The effect in the original photo is fairly common when panning with fast moving subjects using a slow shutter speeds and wide-angle lenses
. There are no special lenses or tricks required, and it doesn't require a shallow depth of field, but doing it well does require practice.
There are a couple of contributing factors to the effect. I believe the major factor is because in order to fill the frame with the subject using a wide-angle lens, you need to be standing much closer to it
than with a telephoto lens. When it zooms past you, the closer you are standing to it the more quickly you have to spin your body to pan with it effectively. The angle of the subject (which is driving in a straight line) changes relative to the angle of the camera (which is rotating), yet the focal point in the subject (ie drivers helmet) remains stationary relative to the frame. This gives an effect of the subject rotating slightly, which ends up looking like zoom creep motion blur.
Of course, in the photo shown above the car isn't driving in a straight line at all, but is cornering. Nevertheless, the principle is the same. Any changes in distance between any part of the subject and the camera will appear as blur given a slow shutter speed, and the fact that the camera is very close to the subject means that these changes in depth are a lot more obvious (wide-angles tend to exaggerate depth, while telephotos tend to compress it). Dispite the car turning around the corner, it's nose is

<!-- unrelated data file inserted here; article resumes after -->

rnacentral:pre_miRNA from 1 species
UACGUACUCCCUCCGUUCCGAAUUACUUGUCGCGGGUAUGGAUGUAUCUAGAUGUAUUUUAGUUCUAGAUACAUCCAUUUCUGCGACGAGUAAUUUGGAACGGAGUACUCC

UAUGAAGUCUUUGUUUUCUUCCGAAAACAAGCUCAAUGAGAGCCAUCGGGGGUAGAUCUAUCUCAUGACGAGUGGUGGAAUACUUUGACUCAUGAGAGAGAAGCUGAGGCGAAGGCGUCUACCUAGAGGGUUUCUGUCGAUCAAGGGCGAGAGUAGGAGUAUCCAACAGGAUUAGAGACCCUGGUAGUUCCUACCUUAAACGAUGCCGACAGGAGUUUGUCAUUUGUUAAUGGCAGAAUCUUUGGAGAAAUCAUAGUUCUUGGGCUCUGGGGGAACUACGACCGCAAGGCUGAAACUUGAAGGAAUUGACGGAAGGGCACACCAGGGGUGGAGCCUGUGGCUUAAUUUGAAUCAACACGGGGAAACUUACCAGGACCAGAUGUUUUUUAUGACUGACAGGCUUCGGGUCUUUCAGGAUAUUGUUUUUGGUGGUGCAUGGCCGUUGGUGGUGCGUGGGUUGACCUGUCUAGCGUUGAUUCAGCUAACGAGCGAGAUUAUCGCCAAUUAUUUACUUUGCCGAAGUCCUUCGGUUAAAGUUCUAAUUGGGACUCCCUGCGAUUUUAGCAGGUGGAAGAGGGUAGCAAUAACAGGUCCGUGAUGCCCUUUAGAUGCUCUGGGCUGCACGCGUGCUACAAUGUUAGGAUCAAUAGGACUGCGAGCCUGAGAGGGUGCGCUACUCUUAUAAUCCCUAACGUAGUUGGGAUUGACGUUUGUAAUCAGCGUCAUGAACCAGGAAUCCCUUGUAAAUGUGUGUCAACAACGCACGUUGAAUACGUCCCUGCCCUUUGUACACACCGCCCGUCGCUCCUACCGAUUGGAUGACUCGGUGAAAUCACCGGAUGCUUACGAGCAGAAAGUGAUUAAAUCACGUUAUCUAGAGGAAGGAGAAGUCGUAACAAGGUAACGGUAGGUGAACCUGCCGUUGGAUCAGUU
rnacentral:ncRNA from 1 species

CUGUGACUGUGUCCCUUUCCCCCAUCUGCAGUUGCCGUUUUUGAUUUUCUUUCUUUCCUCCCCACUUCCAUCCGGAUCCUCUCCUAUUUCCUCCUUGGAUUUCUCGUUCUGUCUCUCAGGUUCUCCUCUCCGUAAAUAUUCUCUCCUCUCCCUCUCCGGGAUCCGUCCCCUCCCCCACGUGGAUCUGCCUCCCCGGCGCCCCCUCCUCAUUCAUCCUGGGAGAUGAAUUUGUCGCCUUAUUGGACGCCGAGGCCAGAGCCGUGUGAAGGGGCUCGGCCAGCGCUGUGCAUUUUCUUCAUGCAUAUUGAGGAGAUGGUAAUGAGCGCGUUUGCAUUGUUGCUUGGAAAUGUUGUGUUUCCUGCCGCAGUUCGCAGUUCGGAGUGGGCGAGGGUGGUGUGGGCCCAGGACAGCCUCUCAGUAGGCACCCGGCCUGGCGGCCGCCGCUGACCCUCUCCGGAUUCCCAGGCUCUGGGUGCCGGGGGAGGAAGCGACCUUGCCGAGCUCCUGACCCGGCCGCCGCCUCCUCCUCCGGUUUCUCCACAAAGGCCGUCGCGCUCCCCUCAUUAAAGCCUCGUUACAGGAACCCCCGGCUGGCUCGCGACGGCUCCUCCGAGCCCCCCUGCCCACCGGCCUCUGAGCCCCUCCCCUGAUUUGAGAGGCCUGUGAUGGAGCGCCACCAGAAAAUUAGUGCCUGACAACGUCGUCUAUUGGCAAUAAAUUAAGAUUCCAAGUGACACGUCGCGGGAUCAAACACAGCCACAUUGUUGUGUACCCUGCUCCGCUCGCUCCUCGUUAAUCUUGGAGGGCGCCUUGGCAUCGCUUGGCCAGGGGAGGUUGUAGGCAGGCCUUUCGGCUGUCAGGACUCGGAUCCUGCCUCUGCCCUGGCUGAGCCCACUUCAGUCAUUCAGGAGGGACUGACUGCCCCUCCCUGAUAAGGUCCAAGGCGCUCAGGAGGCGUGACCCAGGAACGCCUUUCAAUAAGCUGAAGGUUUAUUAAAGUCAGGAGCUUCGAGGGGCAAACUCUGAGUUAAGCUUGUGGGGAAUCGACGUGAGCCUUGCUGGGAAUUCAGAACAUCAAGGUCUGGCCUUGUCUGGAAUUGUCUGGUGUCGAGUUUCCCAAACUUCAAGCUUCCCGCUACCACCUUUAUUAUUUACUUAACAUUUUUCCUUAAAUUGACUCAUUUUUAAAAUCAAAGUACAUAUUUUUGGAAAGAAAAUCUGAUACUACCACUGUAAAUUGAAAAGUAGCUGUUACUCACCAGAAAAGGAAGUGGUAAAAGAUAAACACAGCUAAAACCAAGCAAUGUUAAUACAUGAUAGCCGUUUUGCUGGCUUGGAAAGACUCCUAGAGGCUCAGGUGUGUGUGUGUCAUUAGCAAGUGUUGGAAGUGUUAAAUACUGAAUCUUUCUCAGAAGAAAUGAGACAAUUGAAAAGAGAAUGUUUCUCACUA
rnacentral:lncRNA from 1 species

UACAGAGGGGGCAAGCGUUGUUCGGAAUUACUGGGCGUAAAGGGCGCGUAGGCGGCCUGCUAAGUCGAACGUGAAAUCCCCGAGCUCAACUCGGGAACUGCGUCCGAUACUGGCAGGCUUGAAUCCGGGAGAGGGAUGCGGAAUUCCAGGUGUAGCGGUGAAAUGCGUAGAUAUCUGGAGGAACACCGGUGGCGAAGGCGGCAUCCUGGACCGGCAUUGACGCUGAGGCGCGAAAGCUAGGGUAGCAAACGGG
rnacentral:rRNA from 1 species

moving relative to the camera, as is the rear wing.
There are also other factors involved here (the angle of the camera relative to the horizon, the moment in time the shot was actually taken, etc)... but I'd suggest experimentation is the best way to really understand how it all works. I must admit I haven't tried to delve any more deeply into it.
Below are a few cycling examples of my own that might help. I estimate these cyclists travel at about 60 km/h around the track, which is probably not too different to the speed of that race car at the apex of that tight corner.
1. This was shot at 20mm, f/5.6 with a 1/80th sec shutter speed.
2. Again at 20mm, f/5.6, but this time 1/100th sec. The four cyclists along the bottom of the track are all travelling at the same speed, dispite three of them having motion blur.
3. This is a telephoto shot to provide a contrast to the other 2 shots; showing none of the effect described while still panning with the subject. Shot at 200mm, f/2.8, 1/160th sec.
I should point out that in order to pan with these wide-angle shots, I was spinning around pretty much as quickly as I was physically able to as they rushed past me. The trick is to pick up a point on one of the cyclists in the viewfinder before they get close to you, and then track them as best you can without shooting as they approach. When they get close, just squeeze the shutter (burst mode) try your best to keep locked on to your point. It happens to fast that there's no time to really think or adjust your technique while the shots are being taken, but with practice you can improve dramatically. It is also a LOT of fun being so close to the action like that.